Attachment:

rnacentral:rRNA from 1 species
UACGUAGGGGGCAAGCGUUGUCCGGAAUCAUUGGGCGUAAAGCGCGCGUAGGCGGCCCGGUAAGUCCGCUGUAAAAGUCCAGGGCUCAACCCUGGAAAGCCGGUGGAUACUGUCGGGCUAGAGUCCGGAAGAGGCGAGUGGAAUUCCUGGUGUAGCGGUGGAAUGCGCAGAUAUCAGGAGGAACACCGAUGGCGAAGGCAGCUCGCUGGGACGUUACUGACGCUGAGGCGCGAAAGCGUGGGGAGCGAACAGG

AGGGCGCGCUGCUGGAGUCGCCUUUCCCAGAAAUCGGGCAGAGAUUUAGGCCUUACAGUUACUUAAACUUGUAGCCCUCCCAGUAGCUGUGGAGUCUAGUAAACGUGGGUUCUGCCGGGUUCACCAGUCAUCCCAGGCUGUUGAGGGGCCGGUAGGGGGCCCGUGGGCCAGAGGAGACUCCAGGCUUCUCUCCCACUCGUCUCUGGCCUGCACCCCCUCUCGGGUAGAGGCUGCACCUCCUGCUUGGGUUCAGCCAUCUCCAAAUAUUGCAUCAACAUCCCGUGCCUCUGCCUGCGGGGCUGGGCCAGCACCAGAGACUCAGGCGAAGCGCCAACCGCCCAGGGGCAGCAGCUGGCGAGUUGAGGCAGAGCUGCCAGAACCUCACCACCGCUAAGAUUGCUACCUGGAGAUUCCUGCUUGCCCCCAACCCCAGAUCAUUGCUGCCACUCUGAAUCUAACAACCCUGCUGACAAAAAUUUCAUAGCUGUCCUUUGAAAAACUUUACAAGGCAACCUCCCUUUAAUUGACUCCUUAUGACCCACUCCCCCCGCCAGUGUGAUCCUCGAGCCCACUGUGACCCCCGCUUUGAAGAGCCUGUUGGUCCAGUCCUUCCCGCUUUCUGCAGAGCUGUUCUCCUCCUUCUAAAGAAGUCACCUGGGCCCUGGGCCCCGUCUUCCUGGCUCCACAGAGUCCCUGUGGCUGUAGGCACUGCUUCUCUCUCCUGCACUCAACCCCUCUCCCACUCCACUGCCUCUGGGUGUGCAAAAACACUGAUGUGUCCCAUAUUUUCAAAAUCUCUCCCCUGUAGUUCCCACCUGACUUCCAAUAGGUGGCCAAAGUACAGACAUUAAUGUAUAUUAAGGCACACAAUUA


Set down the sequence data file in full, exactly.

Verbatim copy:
rnacentral:rRNA from 1 species
UACGUAGGGGGCAAGCGUUGUCCGGAAUCAUUGGGCGUAAAGCGCGCGUAGGCGGCCCGGUAAGUCCGCUGUAAAAGUCCAGGGCUCAACCCUGGAAAGCCGGUGGAUACUGUCGGGCUAGAGUCCGGAAGAGGCGAGUGGAAUUCCUGGUGUAGCGGUGGAAUGCGCAGAUAUCAGGAGGAACACCGAUGGCGAAGGCAGCUCGCUGGGACGUUACUGACGCUGAGGCGCGAAAGCGUGGGGAGCGAACAGG

AGGGCGCGCUGCUGGAGUCGCCUUUCCCAGAAAUCGGGCAGAGAUUUAGGCCUUACAGUUACUUAAACUUGUAGCCCUCCCAGUAGCUGUGGAGUCUAGUAAACGUGGGUUCUGCCGGGUUCACCAGUCAUCCCAGGCUGUUGAGGGGCCGGUAGGGGGCCCGUGGGCCAGAGGAGACUCCAGGCUUCUCUCCCACUCGUCUCUGGCCUGCACCCCCUCUCGGGUAGAGGCUGCACCUCCUGCUUGGGUUCAGCCAUCUCCAAAUAUUGCAUCAACAUCCCGUGCCUCUGCCUGCGGGGCUGGGCCAGCACCAGAGACUCAGGCGAAGCGCCAACCGCCCAGGGGCAGCAGCUGGCGAGUUGAGGCAGAGCUGCCAGAACCUCACCACCGCUAAGAUUGCUACCUGGAGAUUCCUGCUUGCCCCCAACCCCAGAUCAUUGCUGCCACUCUGAAUCUAACAACCCUGCUGACAAAAAUUUCAUAGCUGUCCUUUGAAAAACUUUACAAGGCAACCUCCCUUUAAUUGACUCCUUAUGACCCACUCCCCCCGCCAGUGUGAUCCUCGAGCCCACUGUGACCCCCGCUUUGAAGAGCCUGUUGGUCCAGUCCUUCCCGCUUUCUGCAGAGCUGUUCUCCUCCUUCUAAAGAAGUCACCUGGGCCCUGGGCCCCGUCUUCCUGGCUCCACAGAGUCCCUGUGGCUGUAGGCACUGCUUCUCUCUCCUGCACUCAACCCCUCUCCCACUCCACUGCCUCUGGGUGUGCAAAAACACUGAUGUGUCCCAUAUUUUCAAAAUCUCUCCCCUGUAGUUCCCACCUGACUUCCAAUAGGUGGCCAAAGUACAGACAUUAAUGUAUAUUAAGGCACACAAUUA